Something rotten stalks the Cloud Kingdom
The Empire of Sadness is coming for YOU and your licenses
Sysadmin Blog A good lord builds his castle to both serve as the center of commerce for his lands and to offer protection to his people in case of an attack. The peasants have neither the resources nor the knowledge to defend themselves, and they look to their lords for help.
Against most foes, this model works well. Should the land come under attack the peasants flee to the castle. There, the lord has provisions enough to wait out a siege and a standing army to defend the walls.
Unfortunately, the lands of the Cloud Kingdom are cursed. No matter how noble the intentions of the lords, no matter how much he cares for his peasants, the true terror stalking the lands are agents of the crown to which the lord must himself be loyal.
In the beginning, these agents of the crown were simple tax collectors, but this was before the holy book of Licensing was written. The tax collectors, finding much in the holy book of Licensing that appealed to them, became convinced of their own righteousness. They began a holy crusade against all the people of the land – from peasant to king – to ensure that all worship, all pay tithe and all do so exactly as described in the book.
Paladins were sent forth to ensure compliance, each bearing a copy of the sacred texts. Priest and acolytes were dispatched to preach to the peasantry. Over time each of these ended up with different versions of the holy book of Licensing, but all preached the book they had as the One True Text.
These taxmen, their paladins, priests and acolytes collectively became known as the Empire of Sadness.
Protect not the peasants
A good lord, we have said, builds his castle to both serve as the center of commerce for his lands and to offer protection to his people in case of an attack. In the holy book of Licensing however, it is written that while a lord may be a Service Provider to his people, he may not use his resources to protect them.
If a lord attempts to protect his people then paladins from the Empire of Sadness will pay him a visit. No matter how meticulously he has built his castle, the Empire will inevitably prevail, slay the lord, his family and all the peasants he sought to protect.
In the book it is written that houses may not band together for protection. Each must face the world on their own. Each must count their harvest alone and each must prepare the tithe alone
At night, the paladins come.
It starts with arguing; shouts of anger that echo across the land. Next comes "negotiation": there is begging and there is pleading. Even if one cannot hear the individual words, the cadence is well known, the content always the same.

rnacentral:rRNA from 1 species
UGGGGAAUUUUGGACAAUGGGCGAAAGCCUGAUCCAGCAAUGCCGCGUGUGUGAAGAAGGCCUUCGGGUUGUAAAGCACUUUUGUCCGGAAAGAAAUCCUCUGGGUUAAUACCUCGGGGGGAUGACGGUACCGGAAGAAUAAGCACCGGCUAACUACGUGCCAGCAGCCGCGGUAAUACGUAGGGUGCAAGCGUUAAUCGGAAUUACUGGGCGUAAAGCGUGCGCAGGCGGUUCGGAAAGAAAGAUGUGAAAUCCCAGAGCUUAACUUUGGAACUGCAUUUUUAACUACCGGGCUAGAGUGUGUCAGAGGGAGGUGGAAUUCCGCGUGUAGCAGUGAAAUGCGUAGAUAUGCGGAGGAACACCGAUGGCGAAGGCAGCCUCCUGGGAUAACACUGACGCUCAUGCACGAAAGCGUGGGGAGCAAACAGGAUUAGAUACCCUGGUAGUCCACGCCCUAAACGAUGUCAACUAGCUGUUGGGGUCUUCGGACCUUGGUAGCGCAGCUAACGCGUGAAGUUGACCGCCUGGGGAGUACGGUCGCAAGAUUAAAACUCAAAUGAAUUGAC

"We tried to build a shrine exactly as it was written in the sacred texts! We spent half a year's harvest on it! The sacred texts are vague and contradictory! We go each Sunday to see the priest and we constructed everything as he said! We've done what we're supposed to, why are you here?"
Eventually, the "negotiation" stops as the "Lord" realises that nothing they can say will make the slightest bit of difference. The Empire will have its tithe and that tithe shall be what the agents of the Empire determine it to be at that time. The holy book of Licensing is never wrong, even when no two agents of the Empire interpret it in the same way.
As the negotiation ceases, silence descends upon the lord's domain. Abruptly, and without warning, the screaming starts. Unearthly shrieks of fear and terror tinged at the edges with anger, disbelief and incomprehension. It can continue for minutes, or hours. It's different each time, but it always ends the same way.
In the end, the peasant is broken. The Empire has won. The peasant's hovel is stripped bare of everything valuable. In some cases they simply disappear, never to be heard from again. Most are left broken and defeated; their only real value to serve as a warning to others.
Harden your heart against their plight
It does not take long for a good lord to become depressed by these events. Everyone interprets the sacred texts differently, and very few peasants have the resources to make sense of them, let alone determine how the local paladins view things.
Most peasants only barely make enough to be able to be able to pay the Empire the tithe they imagine to be their due; a good lord will yearn to be allowed to combine the resources of those on his land for the benefit of all his people.
Were enough peasants and enough lords to work together, it might be possible to challenge and defeat even the Empire of Sadness. Tragically, few lords are good and few peasants are willing to risk anything at all.
Each has an irrational belief that the Empire will always choose someone else. "It will never be me", they think. While at the castle, peasants engage only in the allowed types of commerce with the allowed types of people. They believe their shrine is properly built, the amount retained for the tithe is just right. The Empire won't come for them, it will always come for someone else.
"It won't be us...We've done right and we're good people." Peasants tell themselves lies or pretend the issue does not exist.
Until the sun passes beneath the horizon, and the Empire seeks tribute again. ®
Check the comments for a prequel from Trevor, posted after publication.